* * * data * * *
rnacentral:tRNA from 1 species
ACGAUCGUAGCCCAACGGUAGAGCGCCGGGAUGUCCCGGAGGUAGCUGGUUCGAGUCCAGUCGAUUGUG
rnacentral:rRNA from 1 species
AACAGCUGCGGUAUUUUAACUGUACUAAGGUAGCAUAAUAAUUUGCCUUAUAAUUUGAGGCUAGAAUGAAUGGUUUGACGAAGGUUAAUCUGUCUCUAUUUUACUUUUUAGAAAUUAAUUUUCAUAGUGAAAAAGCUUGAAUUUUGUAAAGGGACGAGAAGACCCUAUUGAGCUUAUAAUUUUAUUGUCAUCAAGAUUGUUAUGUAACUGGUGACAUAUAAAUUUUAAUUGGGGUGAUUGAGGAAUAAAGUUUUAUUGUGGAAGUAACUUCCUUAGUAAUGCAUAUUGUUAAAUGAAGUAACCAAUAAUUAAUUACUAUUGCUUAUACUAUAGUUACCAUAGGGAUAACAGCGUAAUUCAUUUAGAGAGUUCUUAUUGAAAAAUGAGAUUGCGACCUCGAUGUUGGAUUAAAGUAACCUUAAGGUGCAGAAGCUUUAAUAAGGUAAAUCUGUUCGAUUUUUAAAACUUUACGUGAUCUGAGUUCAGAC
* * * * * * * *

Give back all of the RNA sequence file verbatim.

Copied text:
rnacentral:tRNA from 1 species
ACGAUCGUAGCCCAACGGUAGAGCGCCGGGAUGUCCCGGAGGUAGCUGGUUCGAGUCCAGUCGAUUGUG
rnacentral:rRNA from 1 species
AACAGCUGCGGUAUUUUAACUGUACUAAGGUAGCAUAAUAAUUUGCCUUAUAAUUUGAGGCUAGAAUGAAUGGUUUGACGAAGGUUAAUCUGUCUCUAUUUUACUUUUUAGAAAUUAAUUUUCAUAGUGAAAAAGCUUGAAUUUUGUAAAGGGACGAGAAGACCCUAUUGAGCUUAUAAUUUUAUUGUCAUCAAGAUUGUUAUGUAACUGGUGACAUAUAAAUUUUAAUUGGGGUGAUUGAGGAAUAAAGUUUUAUUGUGGAAGUAACUUCCUUAGUAAUGCAUAUUGUUAAAUGAAGUAACCAAUAAUUAAUUACUAUUGCUUAUACUAUAGUUACCAUAGGGAUAACAGCGUAAUUCAUUUAGAGAGUUCUUAUUGAAAAAUGAGAUUGCGACCUCGAUGUUGGAUUAAAGUAACCUUAAGGUGCAGAAGCUUUAAUAAGGUAAAUCUGUUCGAUUUUUAAAACUUUACGUGAUCUGAGUUCAGAC